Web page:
However, I know that when I wrote her a fan letter some time in the mid-1990s, after her movies came out on VHS and was reminded of how much I enjoyed her work, she responded with a personalized autographed picture and a note thanking me for writing to her. She apologized that she couldn't make the note more personalized and address some of the comments I made about her movies, but indicated that the amount of letters she received had increased since her movies started being released on VHS and she needed to pace herself to ensure being able to respond to her letters in a timely manner. When I told my High School History teacher, who loved her as a child, that I had gotten the autographed photo, he asked if I would ask her to send him one. So I wrote her again and she responded by sending a personalized autographed picture and a short note thanking him for remembering her all these years later. It must be noted that, each time she wrote back to me, she paid for the postage and handling herself. (I was young and self-centered at the time and didn't think to enclosed a SASE to pay for the postage myself.) The fact that a woman who had long turned her back on her career was spending her own money to print photos for her fans, and pay for the postage herself all the way from France to the United States, indicates the degree to which she was still appreciative of the public's interest in her, even if she had no further interest in dealing with the media or Hollywood. This is further underscored by the fact that her family purportedly chose to announce her death by having a fan website disseminate the information, rather than contacting one of the major news agencies.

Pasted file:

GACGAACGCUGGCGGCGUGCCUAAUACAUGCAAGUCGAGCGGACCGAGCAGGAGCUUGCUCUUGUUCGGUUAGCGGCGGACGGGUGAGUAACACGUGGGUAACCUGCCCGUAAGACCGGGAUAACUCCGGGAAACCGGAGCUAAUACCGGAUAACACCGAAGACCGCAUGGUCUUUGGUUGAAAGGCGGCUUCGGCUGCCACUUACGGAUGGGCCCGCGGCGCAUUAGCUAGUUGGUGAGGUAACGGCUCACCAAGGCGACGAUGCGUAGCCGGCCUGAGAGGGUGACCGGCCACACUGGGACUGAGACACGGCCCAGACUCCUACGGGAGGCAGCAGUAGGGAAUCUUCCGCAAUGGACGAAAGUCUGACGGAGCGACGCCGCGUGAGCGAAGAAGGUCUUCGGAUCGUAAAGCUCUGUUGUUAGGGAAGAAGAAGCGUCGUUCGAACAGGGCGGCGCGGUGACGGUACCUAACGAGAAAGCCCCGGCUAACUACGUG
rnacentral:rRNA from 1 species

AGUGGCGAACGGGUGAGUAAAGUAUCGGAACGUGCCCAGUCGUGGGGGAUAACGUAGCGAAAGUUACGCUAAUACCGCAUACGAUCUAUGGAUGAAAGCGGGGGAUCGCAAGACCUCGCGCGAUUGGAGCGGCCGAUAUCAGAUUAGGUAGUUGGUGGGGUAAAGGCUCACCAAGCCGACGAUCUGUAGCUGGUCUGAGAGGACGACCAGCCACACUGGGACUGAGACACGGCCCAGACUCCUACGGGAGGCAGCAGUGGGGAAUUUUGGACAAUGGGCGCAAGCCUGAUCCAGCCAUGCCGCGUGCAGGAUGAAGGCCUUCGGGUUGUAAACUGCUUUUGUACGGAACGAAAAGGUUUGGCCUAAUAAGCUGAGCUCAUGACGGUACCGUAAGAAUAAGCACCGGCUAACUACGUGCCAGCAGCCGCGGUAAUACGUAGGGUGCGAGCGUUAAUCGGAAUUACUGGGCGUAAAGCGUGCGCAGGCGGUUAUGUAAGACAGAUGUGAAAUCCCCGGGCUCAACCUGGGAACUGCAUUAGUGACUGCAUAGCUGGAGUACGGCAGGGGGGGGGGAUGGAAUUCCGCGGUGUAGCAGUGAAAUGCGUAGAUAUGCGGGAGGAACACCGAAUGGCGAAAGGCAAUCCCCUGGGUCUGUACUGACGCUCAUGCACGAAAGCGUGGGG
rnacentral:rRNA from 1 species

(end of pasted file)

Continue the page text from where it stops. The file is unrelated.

The thing that was great about Deanna Durbin is that it is hard to describe her movies to a modern-day audience because they don't fit into any easily categorized genre. Almost like Elvis Presley, Deanna Durbin movies were a genre unto themselves. Her movies were usually light, happy comedies with musical numbers interspersed throughout to allow Durbin to show off her incredibly mature, for her age, soprano singing voice. She had such a larger-than-life personality that, in some movies, she played characters that everyone in town knew about before she had even met them. She had a direct, forthright intelligence and honesty about herself as an actress that I greatly admired. Her energetic characters had an assertiveness that belied stereotypes of the dreamy, romantic, submissive teenage girl. Somehow she avoided being arch and annoying because her characters still had qualities of warmth, compassion, and vulnerability that justified her pushiness. It's been said that her early films from 1936 to 1941, produced mostly by Joe Pasternak, were her better films, and that assessment is mostly correct. With Pasternak, Durbin made many fine films including "One Hundred Men and a Girl" (1937), "Mad About Music" (1938), and "Three Smart Girls Grow Up" (1939), which were probably my personal favorites of the films she made. With these three, the right elements of a good script, sharp direction, and sparkling performances came together to make them delightful entertainments.